Over the past 20 years, Blackberry Smoke has embodied Georgia's rich musical legacy, honoring the people, places and sounds of their home state. Made up of vocalist and lead guitarist Charlie Starr, guitarist and vocalist Paul Jackson, bassist and vocalist Richard Turner, drummer Brit Turner and keyboardist Brandon Still, the band has released six full-length albums and toured relentlessly, building a strong and loyal community of fans.
Blackberry Smoke's last four full-length albums reached the top 10 of the Billboard Country charts, with two of these albums (2015's "Holding All The Roses" and 2016's "Like An Arrow") landing at No. 1. 'Homecoming: Live in Atlanta," a recorded performance from their annual show in the band's hometown, also debuted at No. 1 on Billboard's Americana/Folk charts in 2019. Their latest album, "You Hear Georgia," leans into well-crafted Southern rock with songs like "Live It Down," "Hey Delilah," "Old Enough to Know" and "Lonesome for a Livin'."
In addition to maintaining a relentless tour schedule and the following of a fiercely loyal fanbase, the band has also amassed several television appearances on "The Tonight Show," "The Late Show with Stephen Colbert," "Conan O'Brien," "Live with Jools Holland" and "Last Call with Carson Daly.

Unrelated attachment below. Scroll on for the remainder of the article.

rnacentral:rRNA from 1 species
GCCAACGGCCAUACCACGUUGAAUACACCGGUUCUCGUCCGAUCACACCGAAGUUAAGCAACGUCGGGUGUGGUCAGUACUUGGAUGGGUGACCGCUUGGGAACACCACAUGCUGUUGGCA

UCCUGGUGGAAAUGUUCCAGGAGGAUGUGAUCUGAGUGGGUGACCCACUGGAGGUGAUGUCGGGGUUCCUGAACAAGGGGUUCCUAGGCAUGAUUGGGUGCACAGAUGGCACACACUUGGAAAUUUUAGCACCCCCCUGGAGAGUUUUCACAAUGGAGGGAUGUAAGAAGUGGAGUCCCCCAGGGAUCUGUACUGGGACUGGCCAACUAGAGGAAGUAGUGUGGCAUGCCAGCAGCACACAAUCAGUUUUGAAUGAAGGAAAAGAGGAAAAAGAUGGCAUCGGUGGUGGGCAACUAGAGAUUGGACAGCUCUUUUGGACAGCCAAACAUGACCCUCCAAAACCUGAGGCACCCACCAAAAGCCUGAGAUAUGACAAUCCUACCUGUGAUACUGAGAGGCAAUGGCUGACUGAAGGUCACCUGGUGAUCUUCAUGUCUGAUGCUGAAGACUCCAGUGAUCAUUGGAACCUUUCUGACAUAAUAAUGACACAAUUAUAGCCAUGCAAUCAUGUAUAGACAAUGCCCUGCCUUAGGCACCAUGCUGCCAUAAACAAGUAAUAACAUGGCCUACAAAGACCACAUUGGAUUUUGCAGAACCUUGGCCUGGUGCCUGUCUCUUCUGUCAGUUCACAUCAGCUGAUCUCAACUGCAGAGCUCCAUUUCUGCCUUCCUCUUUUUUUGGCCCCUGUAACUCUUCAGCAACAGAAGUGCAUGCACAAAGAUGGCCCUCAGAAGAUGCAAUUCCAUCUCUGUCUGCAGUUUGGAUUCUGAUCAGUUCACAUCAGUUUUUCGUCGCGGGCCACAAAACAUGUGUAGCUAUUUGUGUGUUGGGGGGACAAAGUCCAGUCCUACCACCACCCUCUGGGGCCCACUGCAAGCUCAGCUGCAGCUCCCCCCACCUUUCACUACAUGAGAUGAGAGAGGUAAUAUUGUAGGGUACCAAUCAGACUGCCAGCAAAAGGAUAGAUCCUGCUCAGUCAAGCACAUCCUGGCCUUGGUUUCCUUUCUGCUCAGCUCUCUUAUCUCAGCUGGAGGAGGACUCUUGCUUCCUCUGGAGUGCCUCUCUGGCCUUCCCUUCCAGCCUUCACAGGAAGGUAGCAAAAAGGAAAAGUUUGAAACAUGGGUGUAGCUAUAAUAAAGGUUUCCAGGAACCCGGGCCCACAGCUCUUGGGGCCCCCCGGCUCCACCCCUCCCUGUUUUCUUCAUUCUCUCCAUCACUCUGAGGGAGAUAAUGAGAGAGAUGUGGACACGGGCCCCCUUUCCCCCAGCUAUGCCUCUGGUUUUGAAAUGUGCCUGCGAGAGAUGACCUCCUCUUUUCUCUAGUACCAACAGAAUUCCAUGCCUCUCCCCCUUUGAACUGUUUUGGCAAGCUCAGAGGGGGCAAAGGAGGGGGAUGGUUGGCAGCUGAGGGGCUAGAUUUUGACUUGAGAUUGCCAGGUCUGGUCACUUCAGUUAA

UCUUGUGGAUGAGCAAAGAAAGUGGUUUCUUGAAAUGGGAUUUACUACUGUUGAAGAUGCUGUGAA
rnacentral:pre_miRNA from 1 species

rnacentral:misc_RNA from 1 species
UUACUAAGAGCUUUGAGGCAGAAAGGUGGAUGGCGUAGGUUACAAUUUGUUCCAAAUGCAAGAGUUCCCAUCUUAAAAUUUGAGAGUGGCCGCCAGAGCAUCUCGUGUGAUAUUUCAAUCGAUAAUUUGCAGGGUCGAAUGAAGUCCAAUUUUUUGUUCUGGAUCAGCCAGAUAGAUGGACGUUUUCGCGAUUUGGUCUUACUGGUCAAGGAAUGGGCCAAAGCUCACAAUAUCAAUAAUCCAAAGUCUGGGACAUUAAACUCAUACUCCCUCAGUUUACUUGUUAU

For more information on Blackberry Smoke, visit www.BlackberrySmoke.com
Red Shahan has covered a hell of a lot of ground in the three years since the release of his debut, Men and Coyotes. The red-headed troubadour with the lonesome howl and penchant for somber portraits of busted boom towns and gritty, white-knuckled anthems has built a loyal audience the old-fashioned way: organically, from the ground up. His new album Culberson County (Thirty Tigers) is proudly rooted heart, mind, and soul in the West Texas earth from which he sprang. And yes, he's still got a thing for coyotes, hearing in their wild cries not just the music of wide open spaces, but a defiant note of stubborn resiliency that speaks to his own instincts as a hardscrabble independent artist compelled to write about the all-too-often unsung - and unseen.